Supply chain - The COVID 19 pandemic has definitely had its impact influence on the world. Economic indicators and health have been compromised and all industries have been touched in one way or perhaps some other. Among the industries in which it was clearly visible will be the farming and food business.
In 2019, the Dutch extension and food niche contributed 6.4 % to the gross domestic item (CBS, 2020). Based on the FoodService Instituut, the foodservice business in the Netherlands lost € 7.1 billion inside 2020. The hospitality industry lost 41.5 % of the turnover of its as show by ProcurementNation, while at the same time supermarkets increased the turnover of theirs with € 1.8 billion.
Disruptions of the food chain have big consequences for the Dutch economy and food security as lots of stakeholders are impacted. Despite the fact that it was clear to many folks that there was a big impact at the end of the chain (e.g., hoarding in food markets, restaurants closing) as well as at the beginning of this chain (e.g., harvested potatoes not finding customers), you will find a lot of actors within the source chain for which the effect is much less clear. It's therefore imperative that you determine how effectively the food supply chain as being a whole is actually armed to cope with disruptions. Researchers in the Operations Research and Logistics Group at Wageningen University as well as out of Wageningen Economics Research, led by Professor Sander de Leeuw, analyzed the effects of the COVID-19 pandemic all over the food supplies chain. They based the examination of theirs on interviews with around 30 Dutch source chain actors.
Need within retail up, in food service down It's obvious and well known that demand in the foodservice channels went down on account of the closure of places, amongst others. In certain cases, sales for vendors of the food service business thus fell to aproximatelly 20 % of the initial volume. As a complication, demand in the list stations went up and remained at a level of aproximatelly 10-20 % higher than before the crisis started.
Goods that had to come through abroad had their very own issues. With the shift in desire from foodservice to retail, the requirement for packaging changed considerably, More tin, glass or plastic was needed for use in buyer packaging. As much more of this particular packaging material ended up in consumers' houses as opposed to in restaurants, the cardboard recycling function got disrupted too, causing shortages.
The shifts in need have had a big impact on production activities. In a few cases, this even meant the full stop in output (e.g. in the duck farming business, which came to a standstill on account of demand fall out on the foodservice sector). In other instances, a big section of the personnel contracted corona (e.g. to the meat processing industry), resulting in a closure of equipment.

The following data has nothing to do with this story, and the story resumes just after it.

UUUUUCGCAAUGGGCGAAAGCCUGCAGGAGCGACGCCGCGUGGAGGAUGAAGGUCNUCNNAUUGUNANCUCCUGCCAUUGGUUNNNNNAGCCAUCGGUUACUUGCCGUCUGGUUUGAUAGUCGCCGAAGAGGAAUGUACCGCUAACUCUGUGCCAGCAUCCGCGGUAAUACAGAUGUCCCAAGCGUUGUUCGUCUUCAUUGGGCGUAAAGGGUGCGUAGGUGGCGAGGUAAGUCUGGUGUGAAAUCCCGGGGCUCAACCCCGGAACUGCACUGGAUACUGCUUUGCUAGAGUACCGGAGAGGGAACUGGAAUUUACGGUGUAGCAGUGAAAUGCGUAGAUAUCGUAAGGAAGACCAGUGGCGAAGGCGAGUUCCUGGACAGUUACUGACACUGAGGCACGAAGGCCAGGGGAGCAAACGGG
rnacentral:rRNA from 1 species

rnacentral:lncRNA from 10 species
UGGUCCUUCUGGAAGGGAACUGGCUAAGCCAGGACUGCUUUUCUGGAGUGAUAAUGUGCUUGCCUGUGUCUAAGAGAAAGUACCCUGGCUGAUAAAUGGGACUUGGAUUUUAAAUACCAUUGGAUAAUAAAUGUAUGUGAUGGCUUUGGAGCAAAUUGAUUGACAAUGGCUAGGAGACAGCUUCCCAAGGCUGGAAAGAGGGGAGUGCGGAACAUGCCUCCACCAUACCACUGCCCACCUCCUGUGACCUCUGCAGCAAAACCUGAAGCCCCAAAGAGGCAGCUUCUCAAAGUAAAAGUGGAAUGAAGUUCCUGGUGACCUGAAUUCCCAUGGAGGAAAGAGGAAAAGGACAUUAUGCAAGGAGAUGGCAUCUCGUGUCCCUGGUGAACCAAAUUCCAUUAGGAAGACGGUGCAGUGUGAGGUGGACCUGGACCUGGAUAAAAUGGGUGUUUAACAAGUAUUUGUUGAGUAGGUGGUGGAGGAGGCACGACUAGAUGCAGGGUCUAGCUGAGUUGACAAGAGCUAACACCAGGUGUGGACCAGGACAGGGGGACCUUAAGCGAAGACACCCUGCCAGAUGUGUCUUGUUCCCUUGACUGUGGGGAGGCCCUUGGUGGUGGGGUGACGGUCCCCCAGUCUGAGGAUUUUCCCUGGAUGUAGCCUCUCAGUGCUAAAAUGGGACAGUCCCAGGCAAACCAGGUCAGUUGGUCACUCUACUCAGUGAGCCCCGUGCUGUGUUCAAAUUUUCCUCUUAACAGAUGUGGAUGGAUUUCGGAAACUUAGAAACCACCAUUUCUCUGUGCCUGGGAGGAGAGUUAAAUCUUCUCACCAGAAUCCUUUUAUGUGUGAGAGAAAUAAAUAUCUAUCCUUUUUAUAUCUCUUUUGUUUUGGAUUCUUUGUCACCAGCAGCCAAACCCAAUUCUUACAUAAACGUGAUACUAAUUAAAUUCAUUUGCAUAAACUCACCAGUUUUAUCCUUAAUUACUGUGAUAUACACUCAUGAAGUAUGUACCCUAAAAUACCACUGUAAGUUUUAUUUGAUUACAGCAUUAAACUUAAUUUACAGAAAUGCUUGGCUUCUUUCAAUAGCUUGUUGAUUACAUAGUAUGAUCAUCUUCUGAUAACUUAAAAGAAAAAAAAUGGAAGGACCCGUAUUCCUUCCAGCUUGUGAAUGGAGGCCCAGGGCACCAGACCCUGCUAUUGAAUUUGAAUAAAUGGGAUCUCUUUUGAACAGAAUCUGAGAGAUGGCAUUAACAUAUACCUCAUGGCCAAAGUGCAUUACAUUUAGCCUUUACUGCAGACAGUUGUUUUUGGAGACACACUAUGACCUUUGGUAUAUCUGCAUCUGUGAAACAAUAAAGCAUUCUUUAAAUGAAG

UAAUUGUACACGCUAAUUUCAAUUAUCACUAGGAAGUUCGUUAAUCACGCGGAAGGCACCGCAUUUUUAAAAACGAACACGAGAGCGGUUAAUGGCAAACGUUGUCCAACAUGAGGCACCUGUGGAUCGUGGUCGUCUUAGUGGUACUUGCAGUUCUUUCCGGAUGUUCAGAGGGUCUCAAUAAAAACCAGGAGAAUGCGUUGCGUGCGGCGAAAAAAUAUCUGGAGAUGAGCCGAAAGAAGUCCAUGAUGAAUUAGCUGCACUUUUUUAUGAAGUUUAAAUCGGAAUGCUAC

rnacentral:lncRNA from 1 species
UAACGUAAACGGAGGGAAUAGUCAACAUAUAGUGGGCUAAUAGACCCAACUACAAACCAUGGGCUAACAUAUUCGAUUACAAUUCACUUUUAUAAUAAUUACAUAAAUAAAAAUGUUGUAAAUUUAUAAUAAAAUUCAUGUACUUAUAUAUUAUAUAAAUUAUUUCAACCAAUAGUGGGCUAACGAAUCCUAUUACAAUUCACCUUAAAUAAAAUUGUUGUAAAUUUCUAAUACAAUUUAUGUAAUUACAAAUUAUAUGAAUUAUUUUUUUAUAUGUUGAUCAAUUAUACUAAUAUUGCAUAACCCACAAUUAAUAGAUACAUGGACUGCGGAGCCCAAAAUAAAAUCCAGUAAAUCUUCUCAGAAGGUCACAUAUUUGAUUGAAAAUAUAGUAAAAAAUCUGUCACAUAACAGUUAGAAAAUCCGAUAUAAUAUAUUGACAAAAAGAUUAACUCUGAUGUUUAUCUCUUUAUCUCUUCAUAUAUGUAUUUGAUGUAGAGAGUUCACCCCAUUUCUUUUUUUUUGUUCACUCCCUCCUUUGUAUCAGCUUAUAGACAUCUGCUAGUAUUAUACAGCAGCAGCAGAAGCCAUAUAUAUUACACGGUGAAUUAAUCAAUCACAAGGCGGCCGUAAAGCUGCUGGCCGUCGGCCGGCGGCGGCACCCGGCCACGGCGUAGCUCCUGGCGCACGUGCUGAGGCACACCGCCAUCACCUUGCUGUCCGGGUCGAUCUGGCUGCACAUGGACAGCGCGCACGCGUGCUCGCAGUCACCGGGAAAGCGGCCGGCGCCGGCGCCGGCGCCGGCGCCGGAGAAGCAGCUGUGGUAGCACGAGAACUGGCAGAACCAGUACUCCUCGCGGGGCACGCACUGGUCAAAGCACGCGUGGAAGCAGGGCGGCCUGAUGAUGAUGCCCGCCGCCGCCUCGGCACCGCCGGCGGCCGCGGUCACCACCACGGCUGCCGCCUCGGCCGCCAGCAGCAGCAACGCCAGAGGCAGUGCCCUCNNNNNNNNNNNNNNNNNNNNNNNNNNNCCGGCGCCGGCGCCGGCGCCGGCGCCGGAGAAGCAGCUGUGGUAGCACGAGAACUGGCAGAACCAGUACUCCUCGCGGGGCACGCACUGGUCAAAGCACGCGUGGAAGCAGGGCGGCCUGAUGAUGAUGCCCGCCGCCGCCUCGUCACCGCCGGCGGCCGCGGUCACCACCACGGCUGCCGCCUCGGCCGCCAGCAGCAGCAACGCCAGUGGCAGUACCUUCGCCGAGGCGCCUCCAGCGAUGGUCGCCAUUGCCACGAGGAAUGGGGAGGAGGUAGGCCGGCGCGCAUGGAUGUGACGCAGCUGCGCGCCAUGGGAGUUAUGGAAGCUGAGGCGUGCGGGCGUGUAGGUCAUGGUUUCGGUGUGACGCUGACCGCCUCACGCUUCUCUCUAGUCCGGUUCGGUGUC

Supply chain - Distribution activities were also affected. The start of the Corona crisis of China triggered the flow of sea bins to slow down fairly soon in 2020. This resulted in restricted transport capability during the very first weeks of the problems, and high expenses for container transport as a direct result. Truck transportation experienced different issues. Initially, there were uncertainties on how transport will be handled at borders, which in the long run were not as rigid as feared. The thing that was problematic in most situations, nevertheless, was the availability of drivers.
The response to COVID-19 - provide chain resilience The source chain resilience analysis held by Prof. de Leeuw as well as Colleagues, was used on the overview of this core elements of supply chain resilience:
To us this framework for the analysis of the interview, the conclusions indicate that not many businesses were well prepared for the corona crisis and in fact mostly applied responsive practices. Probably the most notable supply chain lessons were:
Figure one. Eight best methods for food supply chain resilience
For starters, the need to develop the supply chain for flexibility as well as agility. This appears especially challenging for small companies: building resilience into a supply chain takes attention and time in the organization, and smaller organizations oftentimes don't have the capability to do so.
Second, it was found that much more interest was necessary on spreading risk and also aiming for risk reduction within the supply chain. For the future, meaning more attention should be given to the manner in which organizations depend on suppliers, customers, and specific countries.
Third, attention is necessary for explicit prioritization as well as smart rationing strategies in cases where demand can't be met. Explicit prioritization is actually needed to continue to meet market expectations but in addition to increase market shares wherein competitors miss opportunities. This particular challenge isn't new, however, it's additionally been underexposed in this problems and was often not a component of preparatory pursuits.
Fourthly, the corona issues shows us that the economic impact of a crisis additionally is determined by the way cooperation in the chain is set up. It is typically unclear exactly how further expenses (and benefits) are actually distributed in a chain, in case at all.
Last but not least, relative to other purposeful departments, the businesses and supply chain capabilities are actually in the driving accommodate during a crisis. Product development and marketing and advertising activities need to go hand deeply in hand with supply chain activities. Regardless of whether the corona pandemic will structurally change the classic discussions between logistics and production on the one hand as well as advertising and marketing on the other, the potential future will have to tell.
How's the Dutch meal supply chain coping throughout the corona crisis?